Karabulut’s rapid rise in politics
6 September 2006 – Sadet Karabulut,
representative of the Socialist Party (SP), may become an MP at
the end of this year. As a new council member, she criticised the
way in which inspections are carried out in the homes of social
assistance recipients. “At the national level, I can do much
more for the Amsterdammers”.
was elected council member in March. Before that, she was a board
member of the Turkish workers’ federation DIDF, an organisation
that has a visible presence at many demonstrations, and she was
coordinator of drugs policies at the Zuidoost district. With a fifteenth
position on the list, she stands a realistic chance of being elected.
The swift move to The Hague was not really foreseen, Karabulut
says. “I find it difficult to leave Amsterdam. It is a terrific
city. But the party asked me to stand as a candidate for Parliament.
And at the national level, I can do much more for the Amsterdammers”.
One of the terrains where she feels limited in what she can do
as a council member is anti-poverty policies. “You are stuck
with national rules and budgets. When you want to do something more
for people with low incomes, people will say that the municipality
must abstain from income policies”.
At the national level, more can be done: “Our programme says
that the social minimum must be raised by ten percent. People with
low incomes have a hard time as a consequence of the policies of
the current government”.
On other terrains as well, this government’s policies are
destructive, finds Karabulut. For example, the ‘Muslim bashing’
should stop. Further, youth policies should offer young people perspective
rather than put young people who have done nothing wrong in boot
camps, as the current government wants to do with young unemployed
people who are not in school.
During the past months, Karabulut has sharply criticised the inspections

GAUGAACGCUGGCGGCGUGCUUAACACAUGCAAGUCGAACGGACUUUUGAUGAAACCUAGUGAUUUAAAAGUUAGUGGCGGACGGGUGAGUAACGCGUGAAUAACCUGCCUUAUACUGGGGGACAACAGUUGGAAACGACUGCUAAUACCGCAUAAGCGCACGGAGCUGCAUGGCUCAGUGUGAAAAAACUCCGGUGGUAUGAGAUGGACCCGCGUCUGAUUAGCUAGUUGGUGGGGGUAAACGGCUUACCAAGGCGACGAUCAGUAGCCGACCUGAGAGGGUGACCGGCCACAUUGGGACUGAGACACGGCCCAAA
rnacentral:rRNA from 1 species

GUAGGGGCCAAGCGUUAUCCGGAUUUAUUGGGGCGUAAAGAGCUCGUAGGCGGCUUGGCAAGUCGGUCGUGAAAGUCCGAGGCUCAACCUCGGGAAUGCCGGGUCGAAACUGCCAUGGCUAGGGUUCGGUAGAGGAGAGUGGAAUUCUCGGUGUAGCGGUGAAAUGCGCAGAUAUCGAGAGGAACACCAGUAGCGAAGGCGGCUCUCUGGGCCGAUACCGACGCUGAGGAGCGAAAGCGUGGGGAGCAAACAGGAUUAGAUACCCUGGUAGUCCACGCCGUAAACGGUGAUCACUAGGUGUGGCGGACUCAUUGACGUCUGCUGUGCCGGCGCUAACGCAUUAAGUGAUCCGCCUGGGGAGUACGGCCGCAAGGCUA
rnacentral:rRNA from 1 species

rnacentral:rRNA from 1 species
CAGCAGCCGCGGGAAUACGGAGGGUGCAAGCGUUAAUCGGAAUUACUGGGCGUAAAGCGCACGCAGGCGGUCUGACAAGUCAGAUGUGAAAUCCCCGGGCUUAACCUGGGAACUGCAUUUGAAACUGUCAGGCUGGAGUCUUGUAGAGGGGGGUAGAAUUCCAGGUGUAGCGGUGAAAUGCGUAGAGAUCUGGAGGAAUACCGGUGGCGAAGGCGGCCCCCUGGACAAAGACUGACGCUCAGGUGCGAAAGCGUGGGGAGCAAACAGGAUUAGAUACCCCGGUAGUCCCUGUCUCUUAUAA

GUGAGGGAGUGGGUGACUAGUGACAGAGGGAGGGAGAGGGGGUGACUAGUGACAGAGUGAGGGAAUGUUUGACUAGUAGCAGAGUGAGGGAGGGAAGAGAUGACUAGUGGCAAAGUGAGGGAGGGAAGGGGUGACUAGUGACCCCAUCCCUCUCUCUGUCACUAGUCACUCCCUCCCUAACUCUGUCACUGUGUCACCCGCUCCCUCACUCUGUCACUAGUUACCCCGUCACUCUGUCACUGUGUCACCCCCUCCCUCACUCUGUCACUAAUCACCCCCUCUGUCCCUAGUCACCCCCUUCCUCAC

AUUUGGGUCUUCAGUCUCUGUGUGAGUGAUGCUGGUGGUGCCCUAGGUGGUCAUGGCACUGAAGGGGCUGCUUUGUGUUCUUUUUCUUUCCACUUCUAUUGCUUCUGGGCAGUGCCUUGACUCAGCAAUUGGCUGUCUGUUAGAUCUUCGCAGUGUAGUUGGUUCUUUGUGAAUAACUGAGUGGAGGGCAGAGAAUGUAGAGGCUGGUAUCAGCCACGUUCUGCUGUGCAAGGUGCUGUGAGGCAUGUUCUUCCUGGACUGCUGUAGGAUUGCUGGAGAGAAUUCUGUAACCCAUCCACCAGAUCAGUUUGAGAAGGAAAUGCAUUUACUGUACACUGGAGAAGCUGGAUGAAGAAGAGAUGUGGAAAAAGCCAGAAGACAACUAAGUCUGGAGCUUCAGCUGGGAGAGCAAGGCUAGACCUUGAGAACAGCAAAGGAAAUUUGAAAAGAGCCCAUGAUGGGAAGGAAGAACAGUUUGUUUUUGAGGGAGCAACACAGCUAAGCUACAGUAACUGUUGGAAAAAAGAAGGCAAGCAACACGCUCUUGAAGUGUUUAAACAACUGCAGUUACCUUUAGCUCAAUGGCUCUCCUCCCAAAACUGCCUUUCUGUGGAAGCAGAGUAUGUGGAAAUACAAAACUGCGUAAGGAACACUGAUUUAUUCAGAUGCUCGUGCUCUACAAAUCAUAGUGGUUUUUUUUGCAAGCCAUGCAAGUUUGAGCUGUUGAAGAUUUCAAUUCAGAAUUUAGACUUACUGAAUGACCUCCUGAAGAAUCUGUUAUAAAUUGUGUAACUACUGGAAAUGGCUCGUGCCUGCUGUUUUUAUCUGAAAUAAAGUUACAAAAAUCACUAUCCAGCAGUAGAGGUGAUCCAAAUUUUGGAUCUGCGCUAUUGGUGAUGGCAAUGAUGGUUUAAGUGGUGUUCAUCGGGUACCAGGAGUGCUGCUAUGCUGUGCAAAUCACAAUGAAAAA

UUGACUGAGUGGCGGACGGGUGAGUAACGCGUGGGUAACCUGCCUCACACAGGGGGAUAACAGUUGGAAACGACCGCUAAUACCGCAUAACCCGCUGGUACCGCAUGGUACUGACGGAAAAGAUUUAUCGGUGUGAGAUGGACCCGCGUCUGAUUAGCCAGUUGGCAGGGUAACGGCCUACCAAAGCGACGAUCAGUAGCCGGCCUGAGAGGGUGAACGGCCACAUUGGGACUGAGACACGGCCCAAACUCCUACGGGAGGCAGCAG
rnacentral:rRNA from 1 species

of social assistance recipients’ homes. Many people feel that
these inspections are humiliating and intimidating. The ombudsman
called them ‘inappropriate’.
Karabulut put her teeth into the issue. “I thought, you cannot
be serious. It was all presented as one big experiment, it was very
untransparent. Meanwhile, complaints were coming in. Of course you
must get the people who commit fraud, but innocent people should
not suffer as a result”.
In response to the criticism, Alderman Ahmed Aboutaleb promised
to improve various aspects of the information provided and the procedures.
“That is good; it was much needed as well. I would have liked
to discuss the principles behind it as well, but they evaded that
discussion by saying that the inspections are within the law. Fortunately,
that issue will be taken to court soon”.
According to the most recent polls, the SP will get 14 or 16 seats
in Parliament. Karabulut: “I am confident that I am standing
for a safe seat, I am counting on seventeen seats for the SP. Of
course we have to wait and see; the voters make the final decision.
But I am very optimistic”.
“It is quite exciting, until recently I had no idea that
I would stand as a candidate for Parliament”, says Karabulut.
“But then, a year and a half ago I really did not foresee
that I would become a council member”.
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